I've been a pro writer for close on 10 years now. I've been on set about 6 times. See, my view was that I had no interest in the nuts and bolts of film making. If anything, getting too close to it would destroy the magic - I thought. So I avoided it. Plus once you are on set, you are the proverbial spare prick at a whore's wedding.
Then I was on the set of Bones. Here's the story. A mate of mine got an emergency call to drive an action vehicle on a set the next day. No idea where what or when, that's the way it works. But he was off to France on holiday that day. This is 8 0'clock the night before.
He calls me. Am I free? Would I fill in? Good scoff and I might get to drive a Ferrari.
Well bearing in mind my lack of 'set' time and guilt over the same I said yes. It was then I found out I had to pick up a vehicle in Windsor at 6.am. I tipped up at the place to find an ocean of mercs and BMW's, all top of the range stuff. Then picked up the paperwork and found that I was on the set of Bones in central London. Being an avid reader of Will Dixon's blog this more than made up for my recent discovery of two 5am's in one day.
It more than made up for the fact that the mercs and BMW's were for Midsommer Murders and that I was driving a mortuary van.
So there I was on set. And if you are a big fan of standing around doing nothing for hours at a time it was brilliant. I think they shot maybe 3 minutes worth at that location and for most there, that ran from 6am to 8pm. A huge logistical achievement, maybe 50 people at least, but nonetheless, of no interest to me whatsoever. I did get to buttonhole Hart Hanson, just to pass on my regards to Will. I know enough to know the last thing he wants is to be buttonholed for anything more than 10 seconds. He was very good about it btw. And I even had a word with David Borealez [sic?] Nice to see a star over 5'6. We were both lounging against my mortuary van and it seemed rude not to say something. Spoke to Michael Brandon too. Another nice guy.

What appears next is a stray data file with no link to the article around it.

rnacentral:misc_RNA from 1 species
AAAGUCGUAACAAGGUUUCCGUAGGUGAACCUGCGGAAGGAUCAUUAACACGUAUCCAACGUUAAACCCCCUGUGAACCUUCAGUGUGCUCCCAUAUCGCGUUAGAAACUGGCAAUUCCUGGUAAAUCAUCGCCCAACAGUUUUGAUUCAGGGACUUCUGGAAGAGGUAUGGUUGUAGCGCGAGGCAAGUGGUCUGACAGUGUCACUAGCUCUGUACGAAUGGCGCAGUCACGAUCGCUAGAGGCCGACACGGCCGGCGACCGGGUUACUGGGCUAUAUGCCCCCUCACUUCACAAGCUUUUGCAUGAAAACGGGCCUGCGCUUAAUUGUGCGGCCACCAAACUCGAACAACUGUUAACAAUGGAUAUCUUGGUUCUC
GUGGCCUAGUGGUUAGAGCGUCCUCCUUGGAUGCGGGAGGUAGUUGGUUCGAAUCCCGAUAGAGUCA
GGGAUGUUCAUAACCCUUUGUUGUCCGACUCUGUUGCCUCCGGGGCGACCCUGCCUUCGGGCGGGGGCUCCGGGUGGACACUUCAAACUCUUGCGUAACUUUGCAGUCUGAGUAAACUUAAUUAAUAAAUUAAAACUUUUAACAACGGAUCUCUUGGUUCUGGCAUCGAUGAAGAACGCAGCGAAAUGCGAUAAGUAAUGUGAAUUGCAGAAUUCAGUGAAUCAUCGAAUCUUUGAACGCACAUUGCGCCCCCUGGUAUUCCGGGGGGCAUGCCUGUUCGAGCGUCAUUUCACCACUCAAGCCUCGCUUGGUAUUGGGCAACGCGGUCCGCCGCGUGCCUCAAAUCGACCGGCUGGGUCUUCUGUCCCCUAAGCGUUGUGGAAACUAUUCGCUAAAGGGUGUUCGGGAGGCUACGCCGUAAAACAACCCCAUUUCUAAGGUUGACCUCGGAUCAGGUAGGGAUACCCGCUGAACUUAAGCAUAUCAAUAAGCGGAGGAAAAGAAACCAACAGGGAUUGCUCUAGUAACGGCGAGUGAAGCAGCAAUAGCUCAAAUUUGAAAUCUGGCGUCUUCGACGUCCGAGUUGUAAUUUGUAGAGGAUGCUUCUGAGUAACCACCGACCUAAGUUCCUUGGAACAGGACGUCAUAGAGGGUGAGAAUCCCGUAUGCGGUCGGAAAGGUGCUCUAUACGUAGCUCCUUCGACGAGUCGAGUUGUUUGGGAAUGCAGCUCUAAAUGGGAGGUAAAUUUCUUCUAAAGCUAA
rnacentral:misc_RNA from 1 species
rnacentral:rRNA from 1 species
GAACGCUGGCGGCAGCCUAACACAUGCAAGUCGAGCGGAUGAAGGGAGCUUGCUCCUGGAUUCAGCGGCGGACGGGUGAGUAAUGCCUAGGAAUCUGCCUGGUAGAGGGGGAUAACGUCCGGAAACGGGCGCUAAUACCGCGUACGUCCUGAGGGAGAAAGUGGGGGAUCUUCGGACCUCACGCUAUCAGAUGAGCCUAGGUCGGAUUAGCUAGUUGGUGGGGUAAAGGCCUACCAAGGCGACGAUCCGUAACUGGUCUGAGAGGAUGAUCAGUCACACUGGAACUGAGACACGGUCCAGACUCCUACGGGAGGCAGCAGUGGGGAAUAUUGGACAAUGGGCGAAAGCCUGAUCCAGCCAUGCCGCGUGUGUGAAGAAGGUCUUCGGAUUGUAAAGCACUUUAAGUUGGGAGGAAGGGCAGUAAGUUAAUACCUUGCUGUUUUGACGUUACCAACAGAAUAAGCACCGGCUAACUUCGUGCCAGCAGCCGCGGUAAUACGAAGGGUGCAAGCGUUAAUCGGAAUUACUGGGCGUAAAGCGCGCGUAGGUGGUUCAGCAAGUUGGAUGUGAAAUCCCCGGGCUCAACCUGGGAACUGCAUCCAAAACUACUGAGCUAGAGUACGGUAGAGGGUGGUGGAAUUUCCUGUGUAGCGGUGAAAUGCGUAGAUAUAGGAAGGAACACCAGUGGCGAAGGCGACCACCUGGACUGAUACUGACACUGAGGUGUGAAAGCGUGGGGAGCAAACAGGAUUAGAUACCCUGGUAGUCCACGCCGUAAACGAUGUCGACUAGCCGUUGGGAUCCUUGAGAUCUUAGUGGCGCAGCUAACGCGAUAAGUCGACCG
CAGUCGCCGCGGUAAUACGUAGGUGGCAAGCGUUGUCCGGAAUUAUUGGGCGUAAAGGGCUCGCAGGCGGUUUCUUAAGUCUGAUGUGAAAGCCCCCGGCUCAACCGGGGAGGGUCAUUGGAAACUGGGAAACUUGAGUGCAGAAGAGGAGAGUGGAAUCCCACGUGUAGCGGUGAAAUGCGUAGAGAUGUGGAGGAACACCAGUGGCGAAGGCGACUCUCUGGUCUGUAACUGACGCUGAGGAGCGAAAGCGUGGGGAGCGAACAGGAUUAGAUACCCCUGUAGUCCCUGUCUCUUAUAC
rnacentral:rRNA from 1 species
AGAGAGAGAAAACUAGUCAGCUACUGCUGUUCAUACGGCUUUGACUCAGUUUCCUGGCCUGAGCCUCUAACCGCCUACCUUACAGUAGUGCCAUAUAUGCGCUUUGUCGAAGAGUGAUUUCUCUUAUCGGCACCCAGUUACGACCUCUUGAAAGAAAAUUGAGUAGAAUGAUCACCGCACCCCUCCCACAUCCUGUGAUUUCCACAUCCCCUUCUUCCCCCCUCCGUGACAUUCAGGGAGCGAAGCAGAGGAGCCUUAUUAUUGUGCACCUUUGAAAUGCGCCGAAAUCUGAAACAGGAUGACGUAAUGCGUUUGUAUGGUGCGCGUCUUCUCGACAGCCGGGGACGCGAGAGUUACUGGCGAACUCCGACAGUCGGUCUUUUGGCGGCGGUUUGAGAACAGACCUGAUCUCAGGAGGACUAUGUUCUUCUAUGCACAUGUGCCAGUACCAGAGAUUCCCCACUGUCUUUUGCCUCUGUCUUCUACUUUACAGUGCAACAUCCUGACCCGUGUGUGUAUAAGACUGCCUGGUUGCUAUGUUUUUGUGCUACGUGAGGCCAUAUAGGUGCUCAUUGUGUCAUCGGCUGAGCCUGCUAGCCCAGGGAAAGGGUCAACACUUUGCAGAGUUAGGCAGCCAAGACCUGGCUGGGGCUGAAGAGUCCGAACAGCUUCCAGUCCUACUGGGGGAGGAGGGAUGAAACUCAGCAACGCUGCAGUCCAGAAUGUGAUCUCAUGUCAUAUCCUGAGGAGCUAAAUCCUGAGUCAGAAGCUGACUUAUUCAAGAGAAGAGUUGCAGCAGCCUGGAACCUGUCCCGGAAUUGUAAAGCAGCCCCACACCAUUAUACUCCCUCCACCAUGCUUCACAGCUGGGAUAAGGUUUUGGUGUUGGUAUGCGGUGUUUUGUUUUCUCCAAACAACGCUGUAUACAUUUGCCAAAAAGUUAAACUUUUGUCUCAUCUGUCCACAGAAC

But did I learn anything? Not really. Only that my original misgivings about being on set were correct. I don't want to know how difficult, or how costly or how complicated it is to film what I write. I want people to find a way to do it. Okay the experience was fun and different, but something I'll shut out from my writer's mindset. No, I'm not going to write about 300 camels coming over Tower Bridge but equally I'm not going to let logistics sway me too much at the writing stage.
I think I'll keep my distance. Deep down, I'm the audience. I don't want to know how the fairy dust gets there. It might stop me from being the audience. And that's something that worries me. When I'm writing a script I write story and character. I'm immersed in that. I don't want to be thinking 'oh wow, that's 50 people for one scene, maybe I can leave that out.'
I'd rather write it and leave it for others to cut. I wouldn't write it if I didn't think it was worthwhile. Others involved in production may have a more objective view. And that's fine. Me? I'll concentrate on inventing the fairy dust, the sprinkling I'll leave to others.
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5 years ago